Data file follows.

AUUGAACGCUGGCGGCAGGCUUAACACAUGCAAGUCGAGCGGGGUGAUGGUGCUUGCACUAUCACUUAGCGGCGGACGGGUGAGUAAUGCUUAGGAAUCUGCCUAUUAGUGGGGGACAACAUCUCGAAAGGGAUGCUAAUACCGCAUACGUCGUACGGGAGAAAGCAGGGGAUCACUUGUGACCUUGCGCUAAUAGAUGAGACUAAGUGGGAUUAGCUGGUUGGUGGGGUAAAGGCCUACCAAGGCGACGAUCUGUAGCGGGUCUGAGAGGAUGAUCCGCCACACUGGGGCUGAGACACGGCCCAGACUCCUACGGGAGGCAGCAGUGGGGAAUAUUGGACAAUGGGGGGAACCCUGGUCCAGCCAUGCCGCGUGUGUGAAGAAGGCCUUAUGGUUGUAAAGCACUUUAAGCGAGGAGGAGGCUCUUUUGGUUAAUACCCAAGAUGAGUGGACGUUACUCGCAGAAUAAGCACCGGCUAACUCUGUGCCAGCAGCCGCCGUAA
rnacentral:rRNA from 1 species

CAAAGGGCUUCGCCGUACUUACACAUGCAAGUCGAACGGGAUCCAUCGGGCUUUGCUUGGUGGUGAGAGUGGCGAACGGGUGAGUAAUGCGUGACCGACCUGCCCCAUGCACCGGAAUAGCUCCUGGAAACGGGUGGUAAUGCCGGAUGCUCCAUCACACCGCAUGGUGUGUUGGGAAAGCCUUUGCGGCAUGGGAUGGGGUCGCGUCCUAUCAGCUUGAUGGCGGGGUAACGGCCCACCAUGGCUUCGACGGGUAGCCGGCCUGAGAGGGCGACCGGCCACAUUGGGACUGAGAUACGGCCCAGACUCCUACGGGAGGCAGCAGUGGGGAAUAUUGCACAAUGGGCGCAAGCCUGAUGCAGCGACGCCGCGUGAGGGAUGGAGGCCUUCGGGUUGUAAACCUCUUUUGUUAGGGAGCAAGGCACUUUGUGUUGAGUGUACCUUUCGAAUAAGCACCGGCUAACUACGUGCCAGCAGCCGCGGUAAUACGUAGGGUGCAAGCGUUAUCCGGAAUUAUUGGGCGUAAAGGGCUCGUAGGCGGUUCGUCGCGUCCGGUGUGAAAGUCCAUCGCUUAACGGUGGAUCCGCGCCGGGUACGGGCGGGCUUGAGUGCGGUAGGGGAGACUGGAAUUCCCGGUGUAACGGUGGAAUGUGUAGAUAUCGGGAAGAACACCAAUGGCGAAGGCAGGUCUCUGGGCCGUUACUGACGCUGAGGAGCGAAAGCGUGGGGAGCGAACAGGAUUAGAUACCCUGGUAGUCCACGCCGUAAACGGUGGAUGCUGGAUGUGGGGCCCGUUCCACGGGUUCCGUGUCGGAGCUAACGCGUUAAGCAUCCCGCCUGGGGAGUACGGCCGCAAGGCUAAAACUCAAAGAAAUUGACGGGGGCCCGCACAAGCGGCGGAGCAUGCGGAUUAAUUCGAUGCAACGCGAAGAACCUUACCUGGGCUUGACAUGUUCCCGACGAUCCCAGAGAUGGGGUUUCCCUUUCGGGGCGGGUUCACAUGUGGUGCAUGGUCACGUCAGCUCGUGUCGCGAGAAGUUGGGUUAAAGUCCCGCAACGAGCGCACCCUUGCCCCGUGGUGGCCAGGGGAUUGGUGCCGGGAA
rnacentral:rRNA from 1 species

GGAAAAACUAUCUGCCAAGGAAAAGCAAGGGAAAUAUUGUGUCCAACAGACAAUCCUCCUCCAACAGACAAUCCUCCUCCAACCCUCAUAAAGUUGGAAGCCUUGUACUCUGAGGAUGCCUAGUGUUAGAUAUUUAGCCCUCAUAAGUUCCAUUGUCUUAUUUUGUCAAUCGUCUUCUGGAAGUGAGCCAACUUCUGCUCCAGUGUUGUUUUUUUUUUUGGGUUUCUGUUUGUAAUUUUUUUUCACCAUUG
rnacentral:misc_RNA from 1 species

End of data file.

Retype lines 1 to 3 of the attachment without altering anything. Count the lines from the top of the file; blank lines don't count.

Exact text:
AUUGAACGCUGGCGGCAGGCUUAACACAUGCAAGUCGAGCGGGGUGAUGGUGCUUGCACUAUCACUUAGCGGCGGACGGGUGAGUAAUGCUUAGGAAUCUGCCUAUUAGUGGGGGACAACAUCUCGAAAGGGAUGCUAAUACCGCAUACGUCGUACGGGAGAAAGCAGGGGAUCACUUGUGACCUUGCGCUAAUAGAUGAGACUAAGUGGGAUUAGCUGGUUGGUGGGGUAAAGGCCUACCAAGGCGACGAUCUGUAGCGGGUCUGAGAGGAUGAUCCGCCACACUGGGGCUGAGACACGGCCCAGACUCCUACGGGAGGCAGCAGUGGGGAAUAUUGGACAAUGGGGGGAACCCUGGUCCAGCCAUGCCGCGUGUGUGAAGAAGGCCUUAUGGUUGUAAAGCACUUUAAGCGAGGAGGAGGCUCUUUUGGUUAAUACCCAAGAUGAGUGGACGUUACUCGCAGAAUAAGCACCGGCUAACUCUGUGCCAGCAGCCGCCGUAA
rnacentral:rRNA from 1 species

CAAAGGGCUUCGCCGUACUUACACAUGCAAGUCGAACGGGAUCCAUCGGGCUUUGCUUGGUGGUGAGAGUGGCGAACGGGUGAGUAAUGCGUGACCGACCUGCCCCAUGCACCGGAAUAGCUCCUGGAAACGGGUGGUAAUGCCGGAUGCUCCAUCACACCGCAUGGUGUGUUGGGAAAGCCUUUGCGGCAUGGGAUGGGGUCGCGUCCUAUCAGCUUGAUGGCGGGGUAACGGCCCACCAUGGCUUCGACGGGUAGCCGGCCUGAGAGGGCGACCGGCCACAUUGGGACUGAGAUACGGCCCAGACUCCUACGGGAGGCAGCAGUGGGGAAUAUUGCACAAUGGGCGCAAGCCUGAUGCAGCGACGCCGCGUGAGGGAUGGAGGCCUUCGGGUUGUAAACCUCUUUUGUUAGGGAGCAAGGCACUUUGUGUUGAGUGUACCUUUCGAAUAAGCACCGGCUAACUACGUGCCAGCAGCCGCGGUAAUACGUAGGGUGCAAGCGUUAUCCGGAAUUAUUGGGCGUAAAGGGCUCGUAGGCGGUUCGUCGCGUCCGGUGUGAAAGUCCAUCGCUUAACGGUGGAUCCGCGCCGGGUACGGGCGGGCUUGAGUGCGGUAGGGGAGACUGGAAUUCCCGGUGUAACGGUGGAAUGUGUAGAUAUCGGGAAGAACACCAAUGGCGAAGGCAGGUCUCUGGGCCGUUACUGACGCUGAGGAGCGAAAGCGUGGGGAGCGAACAGGAUUAGAUACCCUGGUAGUCCACGCCGUAAACGGUGGAUGCUGGAUGUGGGGCCCGUUCCACGGGUUCCGUGUCGGAGCUAACGCGUUAAGCAUCCCGCCUGGGGAGUACGGCCGCAAGGCUAAAACUCAAAGAAAUUGACGGGGGCCCGCACAAGCGGCGGAGCAUGCGGAUUAAUUCGAUGCAACGCGAAGAACCUUACCUGGGCUUGACAUGUUCCCGACGAUCCCAGAGAUGGGGUUUCCCUUUCGGGGCGGGUUCACAUGUGGUGCAUGGUCACGUCAGCUCGUGUCGCGAGAAGUUGGGUUAAAGUCCCGCAACGAGCGCACCCUUGCCCCGUGGUGGCCAGGGGAUUGGUGCCGGGAA